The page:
I have terrible insomnia, fueled by anxiety. I’ve struggled with my nighttime routine and spent hours awake hoping desperately for sleep for most of my life. When I was a little girl, I took a flashlight into my closet or the bathtub and read books while I should have been in bed. As a grown up person, I have an arsenal of “can’t sleep” activities, because when I can’t sleep, I really can’t sleep.

Secret GardenI’ve found that the things that help me feel calm and eventually restful are things that engage me, but not too much. If a movie is too boring, I’ll start to focus on anxiety, rather than calm. On the other hand, if I get too interested in my book, I won’t sleep. Art is always nice at night, but if I’m already anxious, it’s hard to let go of the perfectionist’s tendency to get obsessed when things don’t go just right.

My sister likes to color and one day when I was coloring with her, I realized I felt very calm. It was fun to make choices about crayon colors and to stay in the lines. I looked for coloring books in a number of places after that and found there weren’t too many I was interested in at stores like Target. Kid’s stuff is fun for a little while, but I found myself wanting something a bit more grown up. Eventually, I found that Dover makes some lovely coloring books and I have quite a few of them.

Then one day last month I discovered Johanna Basford and fell in love with coloring all over again. Basford is an illustrator and “ink evangelist.” She prefers to hand draw in black and white ink, which makes her intricate drawings uniquely predisposed to become coloring books. Basford’s work is inspired by the plants and animals she grew up around in rural Scotland. About her own work, she says,

Every piece I create starts life as a simple pencil sketch, evolving into a rambling pen and ink drawing usually spanning several sheets of paper. I love the tactile nature of the materials I use and the joy of smudgy fingerprints. My delicate hand inked designs intend to charm and delight, inviting you to peer closer and discover the hidden intricacies.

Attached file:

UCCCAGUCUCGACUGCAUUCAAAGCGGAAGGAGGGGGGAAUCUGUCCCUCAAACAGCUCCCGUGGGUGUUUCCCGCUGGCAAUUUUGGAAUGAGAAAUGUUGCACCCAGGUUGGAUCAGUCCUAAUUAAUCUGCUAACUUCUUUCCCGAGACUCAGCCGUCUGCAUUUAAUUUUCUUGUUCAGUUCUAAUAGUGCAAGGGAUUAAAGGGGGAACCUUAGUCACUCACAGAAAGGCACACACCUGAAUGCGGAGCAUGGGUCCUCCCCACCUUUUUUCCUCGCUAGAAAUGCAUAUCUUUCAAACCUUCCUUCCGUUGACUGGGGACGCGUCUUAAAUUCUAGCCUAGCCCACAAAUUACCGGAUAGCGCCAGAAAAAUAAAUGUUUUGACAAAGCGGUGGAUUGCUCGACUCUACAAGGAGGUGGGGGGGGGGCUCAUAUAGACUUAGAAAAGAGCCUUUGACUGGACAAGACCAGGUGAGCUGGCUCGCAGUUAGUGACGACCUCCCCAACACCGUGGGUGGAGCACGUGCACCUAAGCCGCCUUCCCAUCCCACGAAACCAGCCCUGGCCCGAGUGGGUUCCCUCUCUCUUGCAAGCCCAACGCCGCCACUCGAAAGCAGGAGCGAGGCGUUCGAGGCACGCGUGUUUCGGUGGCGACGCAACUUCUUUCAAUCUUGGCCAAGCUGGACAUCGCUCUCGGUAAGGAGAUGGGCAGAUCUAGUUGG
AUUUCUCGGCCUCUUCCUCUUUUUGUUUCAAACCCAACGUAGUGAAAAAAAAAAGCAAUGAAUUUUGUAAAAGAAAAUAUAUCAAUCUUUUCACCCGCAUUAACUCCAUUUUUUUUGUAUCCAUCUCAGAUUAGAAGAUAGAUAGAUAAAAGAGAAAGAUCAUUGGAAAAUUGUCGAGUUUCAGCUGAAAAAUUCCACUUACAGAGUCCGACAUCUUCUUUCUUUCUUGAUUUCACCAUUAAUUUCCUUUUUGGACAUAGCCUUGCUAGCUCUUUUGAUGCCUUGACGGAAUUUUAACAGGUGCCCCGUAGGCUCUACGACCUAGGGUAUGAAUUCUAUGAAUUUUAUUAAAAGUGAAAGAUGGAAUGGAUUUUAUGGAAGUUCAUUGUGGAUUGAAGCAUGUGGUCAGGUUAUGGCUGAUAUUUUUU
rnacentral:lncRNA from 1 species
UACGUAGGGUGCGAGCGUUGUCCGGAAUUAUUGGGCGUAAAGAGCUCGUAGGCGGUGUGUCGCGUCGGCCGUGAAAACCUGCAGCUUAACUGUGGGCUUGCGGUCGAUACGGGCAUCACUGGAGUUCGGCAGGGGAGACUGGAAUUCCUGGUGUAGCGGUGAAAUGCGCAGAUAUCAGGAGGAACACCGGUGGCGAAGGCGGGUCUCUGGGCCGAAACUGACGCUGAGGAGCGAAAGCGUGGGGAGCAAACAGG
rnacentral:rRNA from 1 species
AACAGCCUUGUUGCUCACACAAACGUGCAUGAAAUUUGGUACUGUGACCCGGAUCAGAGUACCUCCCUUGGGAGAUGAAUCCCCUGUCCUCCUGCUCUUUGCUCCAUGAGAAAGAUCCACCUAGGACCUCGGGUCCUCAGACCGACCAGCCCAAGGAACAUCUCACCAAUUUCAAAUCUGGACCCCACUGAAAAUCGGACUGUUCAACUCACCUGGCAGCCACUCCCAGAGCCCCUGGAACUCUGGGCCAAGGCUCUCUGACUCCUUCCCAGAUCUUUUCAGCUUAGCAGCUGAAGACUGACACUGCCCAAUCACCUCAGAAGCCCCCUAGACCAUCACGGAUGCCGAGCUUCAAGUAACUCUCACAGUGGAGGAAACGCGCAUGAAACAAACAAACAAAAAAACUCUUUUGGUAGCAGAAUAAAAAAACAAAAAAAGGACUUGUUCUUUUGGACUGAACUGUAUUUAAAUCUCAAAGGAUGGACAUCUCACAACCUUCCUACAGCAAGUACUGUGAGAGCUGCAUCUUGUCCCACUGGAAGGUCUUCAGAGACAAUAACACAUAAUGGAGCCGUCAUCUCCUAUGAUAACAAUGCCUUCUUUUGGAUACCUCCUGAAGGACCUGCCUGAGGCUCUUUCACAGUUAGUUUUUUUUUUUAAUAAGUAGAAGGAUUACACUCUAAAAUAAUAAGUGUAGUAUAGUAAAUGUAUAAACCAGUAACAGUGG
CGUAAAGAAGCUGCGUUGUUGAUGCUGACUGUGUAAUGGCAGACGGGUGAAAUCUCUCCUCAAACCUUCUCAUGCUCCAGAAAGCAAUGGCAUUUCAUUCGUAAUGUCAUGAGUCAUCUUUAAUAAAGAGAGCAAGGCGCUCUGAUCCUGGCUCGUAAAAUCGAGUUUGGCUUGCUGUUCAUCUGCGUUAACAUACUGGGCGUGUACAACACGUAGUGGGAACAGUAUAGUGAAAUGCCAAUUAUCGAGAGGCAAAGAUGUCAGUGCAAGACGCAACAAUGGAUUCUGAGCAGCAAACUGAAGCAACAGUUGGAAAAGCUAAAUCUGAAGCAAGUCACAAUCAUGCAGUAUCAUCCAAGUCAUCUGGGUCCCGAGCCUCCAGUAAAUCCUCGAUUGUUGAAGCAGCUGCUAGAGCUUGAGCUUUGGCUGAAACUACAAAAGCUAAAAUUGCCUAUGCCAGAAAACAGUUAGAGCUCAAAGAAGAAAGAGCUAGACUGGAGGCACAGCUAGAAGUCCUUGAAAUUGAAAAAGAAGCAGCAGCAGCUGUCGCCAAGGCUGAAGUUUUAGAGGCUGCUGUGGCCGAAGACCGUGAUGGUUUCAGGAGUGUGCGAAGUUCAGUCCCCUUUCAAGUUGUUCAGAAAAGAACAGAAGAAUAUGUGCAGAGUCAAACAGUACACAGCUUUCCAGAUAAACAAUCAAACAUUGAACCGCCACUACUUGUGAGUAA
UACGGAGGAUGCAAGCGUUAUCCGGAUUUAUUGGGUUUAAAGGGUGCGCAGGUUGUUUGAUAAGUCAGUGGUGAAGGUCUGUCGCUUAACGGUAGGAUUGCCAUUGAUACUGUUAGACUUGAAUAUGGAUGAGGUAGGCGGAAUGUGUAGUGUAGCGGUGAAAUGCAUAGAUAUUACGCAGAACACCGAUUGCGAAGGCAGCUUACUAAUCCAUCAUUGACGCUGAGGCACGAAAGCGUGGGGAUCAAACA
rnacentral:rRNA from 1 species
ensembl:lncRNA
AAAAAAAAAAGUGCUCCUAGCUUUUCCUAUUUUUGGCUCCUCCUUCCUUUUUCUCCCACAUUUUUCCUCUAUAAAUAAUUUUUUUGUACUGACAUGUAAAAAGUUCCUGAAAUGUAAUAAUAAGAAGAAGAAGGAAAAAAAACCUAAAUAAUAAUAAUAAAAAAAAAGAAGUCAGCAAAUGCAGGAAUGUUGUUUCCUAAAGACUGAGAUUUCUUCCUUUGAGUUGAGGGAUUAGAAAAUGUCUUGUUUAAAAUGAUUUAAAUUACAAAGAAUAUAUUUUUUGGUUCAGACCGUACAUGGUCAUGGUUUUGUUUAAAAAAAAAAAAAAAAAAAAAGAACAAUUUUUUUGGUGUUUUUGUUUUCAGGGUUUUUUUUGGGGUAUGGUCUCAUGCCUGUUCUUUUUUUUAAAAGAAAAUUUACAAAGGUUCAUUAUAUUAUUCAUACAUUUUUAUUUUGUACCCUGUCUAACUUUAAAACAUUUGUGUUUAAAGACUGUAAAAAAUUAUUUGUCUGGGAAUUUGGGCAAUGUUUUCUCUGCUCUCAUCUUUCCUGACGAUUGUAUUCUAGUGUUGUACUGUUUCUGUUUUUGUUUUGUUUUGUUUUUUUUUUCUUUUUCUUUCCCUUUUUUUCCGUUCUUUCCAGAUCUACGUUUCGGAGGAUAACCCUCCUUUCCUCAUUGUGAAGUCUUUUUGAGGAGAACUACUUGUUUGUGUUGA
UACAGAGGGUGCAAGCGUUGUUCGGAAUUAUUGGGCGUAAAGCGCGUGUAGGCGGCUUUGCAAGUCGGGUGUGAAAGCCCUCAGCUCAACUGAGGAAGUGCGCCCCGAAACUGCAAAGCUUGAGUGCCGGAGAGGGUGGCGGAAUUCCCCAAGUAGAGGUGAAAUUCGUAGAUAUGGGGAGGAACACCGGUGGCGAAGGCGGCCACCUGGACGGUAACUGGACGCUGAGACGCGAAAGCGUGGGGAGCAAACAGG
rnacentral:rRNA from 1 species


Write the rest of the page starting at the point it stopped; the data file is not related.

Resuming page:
The reason I like Basford’s coloring books, Enchanted Forest and Secret Garden so much is that as objects, they’re art already. The covers are gorgeous (you can color them too!). Their dust jackets cEnchanted Forestome off to reveal even more colorable surface area. There are puzzles for those inclined to complete activities while coloring, but you could ignore them completely and have a wonderful time. They smell wonderful (book lovers all over know exactly what I mean). For someone like me, who loves to draw, Basford’s coloring books are a stress-free way to create because she’s already done the hard work for me.

I like to use colored pencils in Secret Garden. The pages are a little too thin for felt-tipped markers, and you may experience some bleeding if you use them. This issue is corrected in Enchanted Forest, which has much thicker pages. The quality of Basford’s art is consistent between both books, with lots of flowers and creatures to color. The illustrations in both books are intricate enough to provide a challenge, but not so much that it’s impossible to stay in the lines.

My guess is that Basford’s coloring books are not great gifts for younger children, but that artistic older children and adults will enjoy them as much as I do. I like using Prismacolor colored pencils and markers with mine, and I’m itching to try my Dr. Ph. Martin’s Bombay India Ink on them.

Check out Basford’s website for more information about her beautiful work and indulge yourself a little: buy a coloring book.

Allison Carr Waechter enjoys doodling with her Micron pens and daydreaming about the forest. She’s going to go color after she finishes this post. This post is dedicated to Allison’s heart-sister, Alaina, who knows the power of a coloring book.